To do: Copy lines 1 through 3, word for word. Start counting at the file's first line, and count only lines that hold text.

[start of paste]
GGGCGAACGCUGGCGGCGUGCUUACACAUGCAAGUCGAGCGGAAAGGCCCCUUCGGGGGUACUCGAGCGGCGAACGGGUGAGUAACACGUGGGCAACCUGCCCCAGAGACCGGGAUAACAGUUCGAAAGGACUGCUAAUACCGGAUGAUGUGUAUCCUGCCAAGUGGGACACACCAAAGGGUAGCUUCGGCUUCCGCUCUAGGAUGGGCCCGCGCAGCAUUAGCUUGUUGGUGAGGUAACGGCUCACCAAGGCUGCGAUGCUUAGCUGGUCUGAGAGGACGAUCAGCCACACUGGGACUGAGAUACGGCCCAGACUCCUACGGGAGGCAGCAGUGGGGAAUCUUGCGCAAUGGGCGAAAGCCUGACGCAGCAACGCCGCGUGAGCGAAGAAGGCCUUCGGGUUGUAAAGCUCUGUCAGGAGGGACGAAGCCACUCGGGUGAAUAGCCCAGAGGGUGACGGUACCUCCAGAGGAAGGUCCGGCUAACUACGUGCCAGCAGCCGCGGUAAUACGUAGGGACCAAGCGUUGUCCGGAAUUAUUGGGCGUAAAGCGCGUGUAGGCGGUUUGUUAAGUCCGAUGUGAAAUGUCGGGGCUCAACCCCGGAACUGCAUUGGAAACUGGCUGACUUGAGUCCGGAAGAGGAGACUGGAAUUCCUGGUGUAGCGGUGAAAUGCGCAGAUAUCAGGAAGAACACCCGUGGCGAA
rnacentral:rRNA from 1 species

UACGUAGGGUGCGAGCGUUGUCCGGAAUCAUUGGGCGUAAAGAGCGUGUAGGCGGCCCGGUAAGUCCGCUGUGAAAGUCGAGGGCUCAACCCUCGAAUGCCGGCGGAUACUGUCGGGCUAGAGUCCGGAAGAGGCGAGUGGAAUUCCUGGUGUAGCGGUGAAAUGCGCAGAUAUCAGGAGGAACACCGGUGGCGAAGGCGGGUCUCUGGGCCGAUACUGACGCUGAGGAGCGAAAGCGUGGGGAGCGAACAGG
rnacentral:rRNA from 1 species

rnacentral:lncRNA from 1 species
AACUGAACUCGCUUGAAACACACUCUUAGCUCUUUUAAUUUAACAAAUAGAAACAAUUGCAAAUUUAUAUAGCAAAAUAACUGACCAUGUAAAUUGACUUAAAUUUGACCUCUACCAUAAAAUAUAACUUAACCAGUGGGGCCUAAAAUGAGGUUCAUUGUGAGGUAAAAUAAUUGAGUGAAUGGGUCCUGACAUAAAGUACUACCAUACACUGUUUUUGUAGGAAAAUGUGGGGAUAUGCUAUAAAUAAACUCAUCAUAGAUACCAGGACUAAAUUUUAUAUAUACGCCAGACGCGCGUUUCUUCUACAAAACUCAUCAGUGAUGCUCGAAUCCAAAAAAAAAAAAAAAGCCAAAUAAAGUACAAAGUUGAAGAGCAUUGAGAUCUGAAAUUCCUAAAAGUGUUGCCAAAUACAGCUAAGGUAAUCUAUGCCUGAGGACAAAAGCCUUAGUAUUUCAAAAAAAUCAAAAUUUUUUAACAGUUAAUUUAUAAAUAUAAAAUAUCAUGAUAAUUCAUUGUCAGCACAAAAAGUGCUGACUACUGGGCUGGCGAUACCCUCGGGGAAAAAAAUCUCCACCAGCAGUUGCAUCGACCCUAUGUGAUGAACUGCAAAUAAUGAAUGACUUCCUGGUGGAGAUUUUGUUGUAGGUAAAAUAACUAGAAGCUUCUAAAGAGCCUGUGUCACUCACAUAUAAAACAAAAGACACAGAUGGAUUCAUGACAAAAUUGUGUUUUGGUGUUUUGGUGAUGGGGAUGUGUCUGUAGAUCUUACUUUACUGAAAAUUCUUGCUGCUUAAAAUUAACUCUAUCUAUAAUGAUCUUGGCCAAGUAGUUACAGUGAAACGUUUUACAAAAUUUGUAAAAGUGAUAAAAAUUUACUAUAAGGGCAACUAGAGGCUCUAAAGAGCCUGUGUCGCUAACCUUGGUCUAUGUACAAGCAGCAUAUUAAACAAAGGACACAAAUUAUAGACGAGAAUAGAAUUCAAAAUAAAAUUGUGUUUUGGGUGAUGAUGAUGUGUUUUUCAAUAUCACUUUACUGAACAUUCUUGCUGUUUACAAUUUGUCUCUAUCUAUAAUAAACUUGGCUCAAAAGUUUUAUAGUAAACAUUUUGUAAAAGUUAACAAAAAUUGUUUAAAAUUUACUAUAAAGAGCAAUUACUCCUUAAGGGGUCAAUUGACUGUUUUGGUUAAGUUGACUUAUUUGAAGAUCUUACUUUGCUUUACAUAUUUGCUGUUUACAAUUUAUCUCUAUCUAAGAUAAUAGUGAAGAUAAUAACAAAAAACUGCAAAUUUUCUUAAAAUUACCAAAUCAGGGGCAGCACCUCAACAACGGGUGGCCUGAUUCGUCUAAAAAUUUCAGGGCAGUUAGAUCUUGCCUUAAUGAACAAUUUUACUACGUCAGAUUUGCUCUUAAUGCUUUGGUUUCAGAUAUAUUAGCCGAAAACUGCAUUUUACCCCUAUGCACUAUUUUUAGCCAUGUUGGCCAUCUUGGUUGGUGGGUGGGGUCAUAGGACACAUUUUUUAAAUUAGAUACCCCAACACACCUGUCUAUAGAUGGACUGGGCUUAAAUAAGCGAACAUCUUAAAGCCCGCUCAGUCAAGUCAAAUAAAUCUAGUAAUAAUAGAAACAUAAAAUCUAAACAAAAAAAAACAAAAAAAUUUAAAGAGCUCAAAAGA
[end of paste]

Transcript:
GGGCGAACGCUGGCGGCGUGCUUACACAUGCAAGUCGAGCGGAAAGGCCCCUUCGGGGGUACUCGAGCGGCGAACGGGUGAGUAACACGUGGGCAACCUGCCCCAGAGACCGGGAUAACAGUUCGAAAGGACUGCUAAUACCGGAUGAUGUGUAUCCUGCCAAGUGGGACACACCAAAGGGUAGCUUCGGCUUCCGCUCUAGGAUGGGCCCGCGCAGCAUUAGCUUGUUGGUGAGGUAACGGCUCACCAAGGCUGCGAUGCUUAGCUGGUCUGAGAGGACGAUCAGCCACACUGGGACUGAGAUACGGCCCAGACUCCUACGGGAGGCAGCAGUGGGGAAUCUUGCGCAAUGGGCGAAAGCCUGACGCAGCAACGCCGCGUGAGCGAAGAAGGCCUUCGGGUUGUAAAGCUCUGUCAGGAGGGACGAAGCCACUCGGGUGAAUAGCCCAGAGGGUGACGGUACCUCCAGAGGAAGGUCCGGCUAACUACGUGCCAGCAGCCGCGGUAAUACGUAGGGACCAAGCGUUGUCCGGAAUUAUUGGGCGUAAAGCGCGUGUAGGCGGUUUGUUAAGUCCGAUGUGAAAUGUCGGGGCUCAACCCCGGAACUGCAUUGGAAACUGGCUGACUUGAGUCCGGAAGAGGAGACUGGAAUUCCUGGUGUAGCGGUGAAAUGCGCAGAUAUCAGGAAGAACACCCGUGGCGAA
rnacentral:rRNA from 1 species

UACGUAGGGUGCGAGCGUUGUCCGGAAUCAUUGGGCGUAAAGAGCGUGUAGGCGGCCCGGUAAGUCCGCUGUGAAAGUCGAGGGCUCAACCCUCGAAUGCCGGCGGAUACUGUCGGGCUAGAGUCCGGAAGAGGCGAGUGGAAUUCCUGGUGUAGCGGUGAAAUGCGCAGAUAUCAGGAGGAACACCGGUGGCGAAGGCGGGUCUCUGGGCCGAUACUGACGCUGAGGAGCGAAAGCGUGGGGAGCGAACAGG